Coronavirus: 10% of charities likely to close by November

Around 10% of UK charities think it is 'likely' they will cease to operate before the end of November, a new survey has revealed.

A survey by Pro Bono Economics revealed a number of stark statistics about the financial state of the charity sector, highlighting a potential loss of thousands of UK charities by November.

Around 10% of respondents said they feared for their future beyond November, which Pro Bono Economics said will have 'significant consequences for vulnerable individuals and for the wider UK economy'. It estimates the total value of activity in the sector at around £200bn a year.

The survey findings come as Chancellor Rishi Sunak warned the UK is facing a 'server recession', with no guarantee of a quick bounce back.

The economic impacts have affected charities throughout the lockdown period, as demand drastically outstrips resources. Many charities have had to furlough a significant proportion of staff at the same time as an acceleration in demand for services.

Of those surveyed by Pro Bono Economics, 90% said they think the crisis will negatively affect their ability to meet their charitable objectives in the coming six months, while 64% say they've already cut back on activity in a 'significant' way.

Furthermore, 95% of charities are expecting Covid-19 to affect their income over the next six months, with more than one in four (28%) expecting their revenue to more than halve to pre-crisis expectations.

The survey was taken over the past week and concluded on Wednesday when the Culture Secretary Oliver Dowden announced £150m in funding for charities.

This will top up the £750m previously allocated to charities by the UK government, although leaders have criticised the amount as a 'just a drop in the ocean', compared to the sector's predicted loss of £4.6bn.

A majority of charities responding to the survey declared themselves 'unimpressed' with the support on offer from the government.

When asked to rate the adequacy of the government’s approach, 71% scored it at five out of 10 or below.

The organisation conducts a weekly survey within the sector and next week's is set to provide the first test of any change in sentiment in the sector.

Next week’s survey is set to provide the first test of any change in sentiment in the sector.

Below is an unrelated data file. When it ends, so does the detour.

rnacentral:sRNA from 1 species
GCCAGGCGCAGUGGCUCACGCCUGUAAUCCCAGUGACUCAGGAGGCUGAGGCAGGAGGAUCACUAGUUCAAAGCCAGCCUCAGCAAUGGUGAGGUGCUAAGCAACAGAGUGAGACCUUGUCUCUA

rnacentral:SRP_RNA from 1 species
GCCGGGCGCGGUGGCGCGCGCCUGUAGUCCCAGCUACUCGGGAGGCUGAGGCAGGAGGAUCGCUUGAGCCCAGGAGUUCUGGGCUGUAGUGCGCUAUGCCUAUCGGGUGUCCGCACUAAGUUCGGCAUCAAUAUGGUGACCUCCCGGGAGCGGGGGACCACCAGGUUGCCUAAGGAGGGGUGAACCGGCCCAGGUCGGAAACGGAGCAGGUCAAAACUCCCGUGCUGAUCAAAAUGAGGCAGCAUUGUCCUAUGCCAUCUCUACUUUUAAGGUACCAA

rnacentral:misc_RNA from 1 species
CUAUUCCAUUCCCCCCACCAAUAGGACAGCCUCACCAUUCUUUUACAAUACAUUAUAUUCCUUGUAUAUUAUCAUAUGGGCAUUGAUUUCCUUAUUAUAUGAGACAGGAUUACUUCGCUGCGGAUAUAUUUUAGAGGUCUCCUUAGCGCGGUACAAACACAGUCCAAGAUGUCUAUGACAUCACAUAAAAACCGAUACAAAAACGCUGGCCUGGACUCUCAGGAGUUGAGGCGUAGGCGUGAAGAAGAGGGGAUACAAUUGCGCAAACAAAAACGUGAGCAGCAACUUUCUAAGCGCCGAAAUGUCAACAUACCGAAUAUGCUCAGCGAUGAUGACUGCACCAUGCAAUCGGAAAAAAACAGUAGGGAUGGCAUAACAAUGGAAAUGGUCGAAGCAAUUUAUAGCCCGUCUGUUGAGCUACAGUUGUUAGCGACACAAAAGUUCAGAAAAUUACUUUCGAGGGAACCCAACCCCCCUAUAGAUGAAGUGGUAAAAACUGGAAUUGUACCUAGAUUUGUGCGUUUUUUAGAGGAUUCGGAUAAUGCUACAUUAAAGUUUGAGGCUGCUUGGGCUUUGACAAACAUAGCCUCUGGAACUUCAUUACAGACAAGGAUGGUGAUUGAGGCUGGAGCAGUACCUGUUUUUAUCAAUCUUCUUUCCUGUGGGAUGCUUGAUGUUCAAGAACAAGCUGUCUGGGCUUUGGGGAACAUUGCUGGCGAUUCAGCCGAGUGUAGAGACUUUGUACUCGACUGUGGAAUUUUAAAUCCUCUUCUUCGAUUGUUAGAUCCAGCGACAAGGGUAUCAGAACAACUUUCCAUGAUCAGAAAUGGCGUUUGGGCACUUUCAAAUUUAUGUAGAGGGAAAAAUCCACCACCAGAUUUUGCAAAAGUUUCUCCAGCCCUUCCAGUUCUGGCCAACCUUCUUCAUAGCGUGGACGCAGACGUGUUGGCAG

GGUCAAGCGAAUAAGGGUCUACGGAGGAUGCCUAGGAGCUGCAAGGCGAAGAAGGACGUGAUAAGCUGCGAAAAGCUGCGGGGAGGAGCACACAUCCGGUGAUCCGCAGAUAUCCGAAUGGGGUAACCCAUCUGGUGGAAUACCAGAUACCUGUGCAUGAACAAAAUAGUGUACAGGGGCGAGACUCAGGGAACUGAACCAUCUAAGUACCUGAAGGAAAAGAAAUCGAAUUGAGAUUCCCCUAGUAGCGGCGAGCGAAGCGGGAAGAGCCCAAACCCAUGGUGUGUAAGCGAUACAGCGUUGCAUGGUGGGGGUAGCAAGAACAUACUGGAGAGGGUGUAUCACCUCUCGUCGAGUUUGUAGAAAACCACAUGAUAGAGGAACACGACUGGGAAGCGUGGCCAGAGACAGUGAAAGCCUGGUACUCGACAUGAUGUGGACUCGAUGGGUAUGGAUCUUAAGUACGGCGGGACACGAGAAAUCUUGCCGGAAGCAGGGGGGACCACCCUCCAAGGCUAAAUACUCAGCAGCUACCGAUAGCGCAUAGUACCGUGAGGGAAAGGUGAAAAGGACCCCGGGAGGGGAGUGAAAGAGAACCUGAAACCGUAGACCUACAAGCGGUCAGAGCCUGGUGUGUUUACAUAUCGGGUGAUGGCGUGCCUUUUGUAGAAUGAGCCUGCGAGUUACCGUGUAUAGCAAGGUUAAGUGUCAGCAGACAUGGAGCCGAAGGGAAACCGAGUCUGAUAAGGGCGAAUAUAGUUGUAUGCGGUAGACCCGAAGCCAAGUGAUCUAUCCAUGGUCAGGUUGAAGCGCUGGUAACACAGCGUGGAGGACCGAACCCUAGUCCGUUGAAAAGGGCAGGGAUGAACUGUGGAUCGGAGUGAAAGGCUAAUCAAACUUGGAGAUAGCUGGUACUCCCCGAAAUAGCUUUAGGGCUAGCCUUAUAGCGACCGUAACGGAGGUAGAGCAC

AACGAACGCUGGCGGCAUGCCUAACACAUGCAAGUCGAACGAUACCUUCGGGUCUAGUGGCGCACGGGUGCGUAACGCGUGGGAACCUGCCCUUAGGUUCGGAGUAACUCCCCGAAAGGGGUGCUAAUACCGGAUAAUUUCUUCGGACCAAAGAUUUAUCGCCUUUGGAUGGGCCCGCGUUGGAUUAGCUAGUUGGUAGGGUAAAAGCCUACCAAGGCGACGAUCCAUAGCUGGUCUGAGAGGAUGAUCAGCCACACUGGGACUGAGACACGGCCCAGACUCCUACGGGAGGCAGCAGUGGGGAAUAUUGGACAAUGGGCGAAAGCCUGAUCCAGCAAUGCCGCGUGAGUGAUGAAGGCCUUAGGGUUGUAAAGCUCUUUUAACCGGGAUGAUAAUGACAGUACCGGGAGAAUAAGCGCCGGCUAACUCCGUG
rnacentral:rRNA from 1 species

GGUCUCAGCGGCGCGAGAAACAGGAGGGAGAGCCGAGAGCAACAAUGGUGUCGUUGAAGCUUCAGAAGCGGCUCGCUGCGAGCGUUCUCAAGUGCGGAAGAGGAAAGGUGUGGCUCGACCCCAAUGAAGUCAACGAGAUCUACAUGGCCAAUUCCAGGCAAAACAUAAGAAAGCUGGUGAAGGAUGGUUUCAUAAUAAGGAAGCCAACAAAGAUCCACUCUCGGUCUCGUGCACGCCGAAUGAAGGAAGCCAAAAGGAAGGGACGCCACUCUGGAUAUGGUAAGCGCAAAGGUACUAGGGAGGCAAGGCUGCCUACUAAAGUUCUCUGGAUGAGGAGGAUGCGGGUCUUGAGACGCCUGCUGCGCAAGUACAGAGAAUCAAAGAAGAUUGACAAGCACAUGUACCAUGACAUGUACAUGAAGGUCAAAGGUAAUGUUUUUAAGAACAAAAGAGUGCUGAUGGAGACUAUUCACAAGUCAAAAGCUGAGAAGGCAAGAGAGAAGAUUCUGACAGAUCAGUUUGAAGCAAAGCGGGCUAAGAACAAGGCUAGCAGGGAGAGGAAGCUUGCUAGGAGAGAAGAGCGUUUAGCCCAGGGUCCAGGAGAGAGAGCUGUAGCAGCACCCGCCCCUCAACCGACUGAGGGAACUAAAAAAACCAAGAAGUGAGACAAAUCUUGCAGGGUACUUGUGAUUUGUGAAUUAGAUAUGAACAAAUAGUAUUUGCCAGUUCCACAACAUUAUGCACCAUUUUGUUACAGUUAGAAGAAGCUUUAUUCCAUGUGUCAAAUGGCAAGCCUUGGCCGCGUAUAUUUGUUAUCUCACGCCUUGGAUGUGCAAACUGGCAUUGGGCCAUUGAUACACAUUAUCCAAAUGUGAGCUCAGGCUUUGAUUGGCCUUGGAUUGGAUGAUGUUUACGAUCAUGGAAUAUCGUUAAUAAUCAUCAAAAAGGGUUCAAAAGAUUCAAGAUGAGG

“The Chancellor warned this week that the UK’s post-Covid economic recovery was likely to lack any ‘bounce’, and our survey findings point to a similar sentiment across charities," the firm's chief executive, Matt Whittaker said.

"It is in the DNA of charities to cope with difficult circumstances but, eight weeks into lockdown, it is clear than many in the sector are under extreme pressure.

“Not only do nine-in-ten say they are being negatively affected, but two-in-five say they’ve become more pessimistic over the last seven days. Most worryingly, one-in-ten say they expect to go out of business within six months.

“With smaller charities appearing to be even more exposed, the opening of applications for support through the new Coronavirus Community Support Fund from today is hugely welcome. Many charities tell us they fear being overlooked by the scheme, however – something we’ll be monitoring through our survey in the weeks to come.”

    Share Story:

Recent Stories

How digital saved an international charity from collapse
In the second of a series of digital leadership podcasts, Lauren Weymouth speaks to Peace One Day founder, filmmaker and actor, Jeremy Gilley about how becoming a solely digital charity saved it from collapse and turned it into a global success.

How Age UK navigated a remote call centre in a crisis
In the first of a series of three digital leadership podcasts, Lauren Weymouth chats to Age UK’s Alasdair Stewart about how the charity set up, navigated and successfully delivered The Silver Line phone service remotely during the peak of the Covid-19 pandemic.

Sponsored by Amazon Web Services

To find out more about cloud computing for charities visit the Amazon Web Services nonprofits page.